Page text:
Calera students, staff work to take care of their own
By MOLLIE BROWN / Community Columnist
When tragedy strikes, the first to respond is family or those who are like family. When the home of Calera High School’s custodian Donald Liffridge was damaged during the April 27 storm, school administration, faculty and students came to his rescue.
An announcement was made that Liffridge’s Pratt City home suffered damage and nearly 200 students signed up to participate in a service project to help him and his neighbors. Forty-four students, chosen by teacher recommendation, boarded a school bus, taking with them bottled water, clothing, canned food, hygiene products, paper products and other non-perishable items.
Through fundraising, school clubs raised $788. This money, matched in merchandise by Sav Mor Food Outlet, was used to purchase supplies that filled two trailers.
Pajama Day yielded $801; hat day, $132; athletic clubs, $650; and casual day for faculty members raised $600. The money was sent to a relief organization in the area.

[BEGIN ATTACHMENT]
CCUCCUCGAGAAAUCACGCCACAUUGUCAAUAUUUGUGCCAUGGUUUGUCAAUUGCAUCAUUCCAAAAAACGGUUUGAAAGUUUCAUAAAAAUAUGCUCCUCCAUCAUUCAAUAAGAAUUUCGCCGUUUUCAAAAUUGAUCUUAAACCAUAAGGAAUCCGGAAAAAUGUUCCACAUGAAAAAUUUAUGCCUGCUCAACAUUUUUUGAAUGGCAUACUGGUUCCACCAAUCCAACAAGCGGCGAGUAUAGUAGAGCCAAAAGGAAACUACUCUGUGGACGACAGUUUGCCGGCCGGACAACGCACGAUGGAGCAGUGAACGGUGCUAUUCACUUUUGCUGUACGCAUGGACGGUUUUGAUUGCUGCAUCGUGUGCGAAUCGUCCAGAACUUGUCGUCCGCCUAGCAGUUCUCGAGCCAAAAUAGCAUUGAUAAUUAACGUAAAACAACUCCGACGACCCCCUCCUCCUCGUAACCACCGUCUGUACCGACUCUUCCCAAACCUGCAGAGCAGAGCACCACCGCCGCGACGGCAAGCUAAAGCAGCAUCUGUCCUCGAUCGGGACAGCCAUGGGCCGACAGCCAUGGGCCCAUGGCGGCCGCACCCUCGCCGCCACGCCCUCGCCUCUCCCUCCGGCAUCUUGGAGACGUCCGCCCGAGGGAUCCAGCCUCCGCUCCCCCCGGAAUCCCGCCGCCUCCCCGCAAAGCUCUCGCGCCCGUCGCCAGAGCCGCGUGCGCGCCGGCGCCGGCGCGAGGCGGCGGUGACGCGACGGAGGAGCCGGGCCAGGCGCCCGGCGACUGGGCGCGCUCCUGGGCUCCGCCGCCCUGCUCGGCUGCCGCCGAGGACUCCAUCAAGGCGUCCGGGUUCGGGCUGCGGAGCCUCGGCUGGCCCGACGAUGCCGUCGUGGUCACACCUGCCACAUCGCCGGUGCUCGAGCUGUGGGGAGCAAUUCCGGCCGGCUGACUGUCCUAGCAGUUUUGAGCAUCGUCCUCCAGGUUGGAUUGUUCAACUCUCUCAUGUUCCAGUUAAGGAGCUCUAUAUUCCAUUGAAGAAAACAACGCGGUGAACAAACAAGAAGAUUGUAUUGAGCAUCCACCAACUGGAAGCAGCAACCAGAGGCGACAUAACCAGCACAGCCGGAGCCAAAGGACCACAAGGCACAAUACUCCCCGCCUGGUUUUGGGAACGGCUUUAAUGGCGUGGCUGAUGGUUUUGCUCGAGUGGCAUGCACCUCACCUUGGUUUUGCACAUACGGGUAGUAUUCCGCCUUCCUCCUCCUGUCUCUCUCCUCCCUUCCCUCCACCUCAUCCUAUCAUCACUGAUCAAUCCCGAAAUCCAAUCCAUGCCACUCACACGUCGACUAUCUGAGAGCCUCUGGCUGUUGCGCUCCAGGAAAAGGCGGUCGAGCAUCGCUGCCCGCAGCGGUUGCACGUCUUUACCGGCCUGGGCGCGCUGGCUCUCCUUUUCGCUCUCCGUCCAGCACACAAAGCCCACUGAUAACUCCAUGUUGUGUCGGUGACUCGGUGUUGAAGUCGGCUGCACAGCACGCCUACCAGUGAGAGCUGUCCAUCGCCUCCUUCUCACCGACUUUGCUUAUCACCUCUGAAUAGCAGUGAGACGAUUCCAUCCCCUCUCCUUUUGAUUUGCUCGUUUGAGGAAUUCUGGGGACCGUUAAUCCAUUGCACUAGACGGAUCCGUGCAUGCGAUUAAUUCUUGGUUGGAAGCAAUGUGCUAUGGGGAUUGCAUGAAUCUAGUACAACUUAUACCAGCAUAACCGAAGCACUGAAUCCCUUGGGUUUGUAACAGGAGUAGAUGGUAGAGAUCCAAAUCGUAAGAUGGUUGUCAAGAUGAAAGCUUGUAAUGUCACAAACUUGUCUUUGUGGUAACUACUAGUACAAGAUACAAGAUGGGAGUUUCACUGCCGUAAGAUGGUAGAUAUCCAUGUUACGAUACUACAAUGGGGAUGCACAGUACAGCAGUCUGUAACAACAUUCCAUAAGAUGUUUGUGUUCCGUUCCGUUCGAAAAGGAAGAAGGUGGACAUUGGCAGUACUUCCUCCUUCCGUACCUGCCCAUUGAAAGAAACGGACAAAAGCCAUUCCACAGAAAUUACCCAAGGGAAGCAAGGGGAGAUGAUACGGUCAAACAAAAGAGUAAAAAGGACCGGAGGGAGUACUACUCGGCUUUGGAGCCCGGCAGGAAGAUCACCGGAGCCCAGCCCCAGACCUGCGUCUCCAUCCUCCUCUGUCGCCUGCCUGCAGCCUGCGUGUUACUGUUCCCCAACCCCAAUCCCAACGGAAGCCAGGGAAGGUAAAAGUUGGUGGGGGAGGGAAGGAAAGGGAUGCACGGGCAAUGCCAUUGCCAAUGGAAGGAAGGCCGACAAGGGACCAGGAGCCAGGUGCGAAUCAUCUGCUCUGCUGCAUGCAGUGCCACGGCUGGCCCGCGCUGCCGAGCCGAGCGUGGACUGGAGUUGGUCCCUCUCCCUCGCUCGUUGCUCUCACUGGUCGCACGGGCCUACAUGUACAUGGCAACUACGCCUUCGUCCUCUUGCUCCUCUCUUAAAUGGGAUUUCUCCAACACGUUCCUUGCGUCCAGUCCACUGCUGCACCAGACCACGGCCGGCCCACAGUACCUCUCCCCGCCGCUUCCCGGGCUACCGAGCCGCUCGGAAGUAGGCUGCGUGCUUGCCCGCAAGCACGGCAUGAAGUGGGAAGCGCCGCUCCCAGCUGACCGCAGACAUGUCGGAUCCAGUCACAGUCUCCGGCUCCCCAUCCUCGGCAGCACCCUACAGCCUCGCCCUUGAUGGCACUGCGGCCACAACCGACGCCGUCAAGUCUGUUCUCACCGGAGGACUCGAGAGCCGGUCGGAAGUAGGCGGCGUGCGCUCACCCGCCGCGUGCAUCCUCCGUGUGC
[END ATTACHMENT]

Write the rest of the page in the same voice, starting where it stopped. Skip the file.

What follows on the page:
Algebra 1 teacher Melissa Ellison was on the bus. She shared how students responded as they approached their destination.
“Students were talking and listening to their iPods on the way. When we approached the damaged area, silence filled the bus,” she said. “Some started whispering things like ‘look over there,’ ‘my gosh,’ ‘look at that.’ They had seen pictures, but seeing it in person was so different. The atmosphere became very solemn.”
Ellison said she was impressed with how students maximized their time and stayed on task. At the end of the day, students did not want to leave. They begged to stay in order to finish clearing trees off Liffridge’s backyard shed.
“The community thanked us so many times,” Ellison said. “It was extremely humbling — we all need that at times. We got way more out of it than Donald and his neighbors.”
On the way back, students ate sandwiches prepared by the lunchroom staff. Ellison said there were no complaints, all of them were truly grateful for what they received.
Lunchroom worker Angel Davis has friends who live close to Liffridge. Students walked to their house and cleaned yards on the way. Davis was told “those kids showed up and showed out.”
On Awards Day, Liffridge shook each hand that helped and presented service certificates. He choked up as he told me how his neighborhood has been strengthened because of the care they received. “My neighbors and I are very grateful for the help. To the very last day of school students came to me and asked if we needed anything. They were truly concerned.”
Mollie Brown can be reached at email@example.com.